Woestina and Mariaville elementary schools are shutting down at the end of the school year to save about $1.5 million.
The Schalmont Board of Education on Monday unanimously voted to close both buildings, which was one of the recommendations from a consultant’s report on improving efficiency in the district.
The district’s kindergarten through fourth-grade students will go to Jefferson Elementary School. Fifth-graders will be sent to the middle school/high school campus and will continue to ride on the elementary bus.
Mariaville parents were especially disappointed in the decision. Carmella Cervera, whose children include a first-grade boy and a girl heading into kindergarten, worried about the safety of her daughter.
“She’s 30 pounds. Put her on a school bus with fifth-graders. I’m not quite sure how this is going to work.”
She also believes the decision was pre-determined and the months of community roundtable discussions were pointless.
“This wasn’t an open forum. This was a dictatorship.”
Parent Noelle VanAlstyne-Rosa, who has a fourth-grader and 10th-grader, said she chose Mariaville because it was a small school.
Jeanette Ray said the decision was unfair. Her child, who cries every morning when she gets on the bus, will now have to travel 45 minutes to school. She wished that somebody from the board would deliver the news personally to the affected students.
“Make sure you let them know. They were a dollar sign — not a kid.”
Other speakers questioned whether fifth-graders would be emotionally ready to be in the middle school environment, whether the district was taking into account future growth and how much is owed on bonds taken out to improve the buildings.
A couple of speakers spoke in favor of the closure because it will prevent taxes from skyrocketing further.
Board members were in agreement that it was a difficult but necessary decision in the wake of decreasing state aid and declining enrollment. The district is facing a $1.1 million reduction in state aid. Its enrollment has dropped by about 350 students to 1,900 and it has cut about 10 percent of its staff.
“This is probably the toughest vote I’ll have to make in 16 years,” said Sandra Beloncik, whose children attended Woestina.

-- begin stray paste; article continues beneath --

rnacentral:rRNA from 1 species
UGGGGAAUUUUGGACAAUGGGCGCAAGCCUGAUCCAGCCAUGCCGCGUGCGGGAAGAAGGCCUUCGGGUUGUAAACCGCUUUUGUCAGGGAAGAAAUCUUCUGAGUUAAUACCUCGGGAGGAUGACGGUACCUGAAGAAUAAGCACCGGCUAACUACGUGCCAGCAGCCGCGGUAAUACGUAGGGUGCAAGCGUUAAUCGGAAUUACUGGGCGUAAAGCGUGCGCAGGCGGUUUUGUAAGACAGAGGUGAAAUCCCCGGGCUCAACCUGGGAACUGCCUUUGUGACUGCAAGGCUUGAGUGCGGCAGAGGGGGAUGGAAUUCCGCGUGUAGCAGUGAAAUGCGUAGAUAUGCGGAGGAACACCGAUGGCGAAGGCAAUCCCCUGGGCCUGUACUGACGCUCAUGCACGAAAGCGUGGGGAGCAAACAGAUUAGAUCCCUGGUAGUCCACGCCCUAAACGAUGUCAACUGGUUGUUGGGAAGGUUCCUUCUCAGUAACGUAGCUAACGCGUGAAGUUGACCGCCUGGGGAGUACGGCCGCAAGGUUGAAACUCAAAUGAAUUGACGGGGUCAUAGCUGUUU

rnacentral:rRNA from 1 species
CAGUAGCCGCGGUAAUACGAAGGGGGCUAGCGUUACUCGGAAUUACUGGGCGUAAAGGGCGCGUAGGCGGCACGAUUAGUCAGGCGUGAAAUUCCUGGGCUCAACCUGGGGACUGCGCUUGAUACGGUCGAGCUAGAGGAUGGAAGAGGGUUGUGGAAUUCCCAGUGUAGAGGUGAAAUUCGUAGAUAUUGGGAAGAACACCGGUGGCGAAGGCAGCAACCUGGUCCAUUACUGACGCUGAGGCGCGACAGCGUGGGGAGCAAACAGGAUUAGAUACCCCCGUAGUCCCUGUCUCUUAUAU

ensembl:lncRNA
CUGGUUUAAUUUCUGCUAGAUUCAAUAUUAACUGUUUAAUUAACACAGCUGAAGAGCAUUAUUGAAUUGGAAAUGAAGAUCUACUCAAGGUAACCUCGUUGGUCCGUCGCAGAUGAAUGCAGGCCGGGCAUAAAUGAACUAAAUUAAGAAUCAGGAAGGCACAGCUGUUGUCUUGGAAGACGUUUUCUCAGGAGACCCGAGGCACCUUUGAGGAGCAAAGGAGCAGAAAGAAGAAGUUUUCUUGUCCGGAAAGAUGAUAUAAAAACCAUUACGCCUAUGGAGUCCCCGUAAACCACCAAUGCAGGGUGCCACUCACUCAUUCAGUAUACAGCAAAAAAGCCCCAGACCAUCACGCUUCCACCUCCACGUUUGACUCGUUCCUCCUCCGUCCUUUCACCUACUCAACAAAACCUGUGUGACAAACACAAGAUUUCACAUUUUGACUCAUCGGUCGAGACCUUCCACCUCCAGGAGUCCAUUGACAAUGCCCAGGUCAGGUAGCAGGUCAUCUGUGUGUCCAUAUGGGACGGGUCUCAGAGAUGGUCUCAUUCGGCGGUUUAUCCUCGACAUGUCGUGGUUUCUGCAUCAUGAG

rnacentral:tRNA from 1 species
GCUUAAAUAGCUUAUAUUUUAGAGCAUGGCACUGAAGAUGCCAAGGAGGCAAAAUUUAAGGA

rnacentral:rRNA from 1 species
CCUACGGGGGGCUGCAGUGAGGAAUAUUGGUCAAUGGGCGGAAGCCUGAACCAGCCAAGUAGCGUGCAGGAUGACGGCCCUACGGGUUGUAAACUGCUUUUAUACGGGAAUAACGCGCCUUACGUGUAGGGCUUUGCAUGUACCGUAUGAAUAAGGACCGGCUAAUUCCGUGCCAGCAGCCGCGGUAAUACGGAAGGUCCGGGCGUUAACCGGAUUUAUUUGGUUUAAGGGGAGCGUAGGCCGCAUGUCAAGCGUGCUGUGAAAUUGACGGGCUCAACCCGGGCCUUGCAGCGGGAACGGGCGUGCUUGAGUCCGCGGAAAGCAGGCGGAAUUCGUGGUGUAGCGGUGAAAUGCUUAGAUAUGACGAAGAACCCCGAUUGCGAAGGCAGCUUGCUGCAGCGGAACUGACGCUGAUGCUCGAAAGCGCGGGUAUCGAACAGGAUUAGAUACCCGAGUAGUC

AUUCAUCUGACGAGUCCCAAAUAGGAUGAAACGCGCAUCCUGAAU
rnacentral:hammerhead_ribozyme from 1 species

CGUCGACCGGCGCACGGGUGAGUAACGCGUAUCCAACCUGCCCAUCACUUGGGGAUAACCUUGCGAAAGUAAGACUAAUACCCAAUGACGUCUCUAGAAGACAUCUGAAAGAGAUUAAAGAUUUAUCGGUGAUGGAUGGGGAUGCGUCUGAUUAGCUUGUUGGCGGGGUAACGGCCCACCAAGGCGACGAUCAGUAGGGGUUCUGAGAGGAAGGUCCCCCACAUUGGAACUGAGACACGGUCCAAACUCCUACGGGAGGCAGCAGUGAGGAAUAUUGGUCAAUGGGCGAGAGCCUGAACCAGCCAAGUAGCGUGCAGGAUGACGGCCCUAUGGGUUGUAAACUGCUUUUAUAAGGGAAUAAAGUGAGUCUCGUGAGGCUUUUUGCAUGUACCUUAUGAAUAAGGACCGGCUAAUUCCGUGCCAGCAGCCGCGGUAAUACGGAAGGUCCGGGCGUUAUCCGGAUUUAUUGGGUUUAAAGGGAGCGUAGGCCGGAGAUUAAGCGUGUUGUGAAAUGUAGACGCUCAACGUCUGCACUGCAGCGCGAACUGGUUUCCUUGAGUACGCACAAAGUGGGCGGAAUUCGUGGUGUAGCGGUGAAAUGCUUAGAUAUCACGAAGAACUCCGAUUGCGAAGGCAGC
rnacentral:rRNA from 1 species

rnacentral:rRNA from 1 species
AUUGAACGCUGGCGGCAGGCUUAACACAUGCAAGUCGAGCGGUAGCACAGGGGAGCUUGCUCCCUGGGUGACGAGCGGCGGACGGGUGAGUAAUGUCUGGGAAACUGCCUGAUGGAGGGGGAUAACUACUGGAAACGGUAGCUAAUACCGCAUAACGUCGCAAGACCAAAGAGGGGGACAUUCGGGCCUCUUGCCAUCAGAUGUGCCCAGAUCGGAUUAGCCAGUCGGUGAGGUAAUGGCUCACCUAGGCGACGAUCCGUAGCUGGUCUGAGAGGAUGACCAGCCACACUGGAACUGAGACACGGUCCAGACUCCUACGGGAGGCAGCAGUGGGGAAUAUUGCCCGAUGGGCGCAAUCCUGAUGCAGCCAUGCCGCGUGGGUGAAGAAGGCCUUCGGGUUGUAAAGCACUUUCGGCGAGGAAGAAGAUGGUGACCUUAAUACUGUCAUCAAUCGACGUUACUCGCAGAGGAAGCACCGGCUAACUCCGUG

“I think everyone is going to pull together and make this a workable option,” board member Greg Campoli said.
Board member Michael DellaVilla said the fiscal crisis facing the state tied the district’s hands.
“We simply can’t afford to maintain the schools. It’s a difficult decision but it’s something we had to make to make up a $2 million-plus shortfall in the budget.”
Robert Sheehan noted that change has permeated the district. He was part of the last sixth-grade class to graduate from Pine Grove, which is no longer a school. Maintaining the district’s programs matters most to him.
“I have to look at what’s more important — a student’s mind or bricks and mortar?”
President Kevin Thompson also agreed that he did not want to eliminate valuable programs that would jeopardize the college or career readiness of its graduates.
“I believe with the closure of these two schools that we can preserve the content, the programing, the quality and the education that’s provided to every student in the district,” he said.
Kelsey said it is too soon to tell exactly how many jobs would be eliminated. The consultant’s report estimated five full-time positions. Job losses would be based on seniority.
Middle school Principal Michael Kondratowicz and Jefferson Elementary Principal Joby Gifford will serve as co-chairmen of a committee that will discuss how fifth-graders will transition to the middle school. Everything from room configuration to lunch time procedures will be discussed, according to Superintendent Valerie Kelsey. Meetings will take place in March and April with updates provided on the district’s website.
The board also established a committee that will work to find ways to reuse the buildings. Another committee has been set to determine whether sixth-graders should ride the bus with the older or younger students and whether there should be a fifth/sixth grade intermediate structure. The committee would report back in December with recommendations for the 2012-13 school year.
Both buildings are relatively new.
Residents in 2000 approved a $32 million referendum to renovate all the district’s schools. Woestina was completely rebuilt in 2004 and most of Mariaville is new construction.
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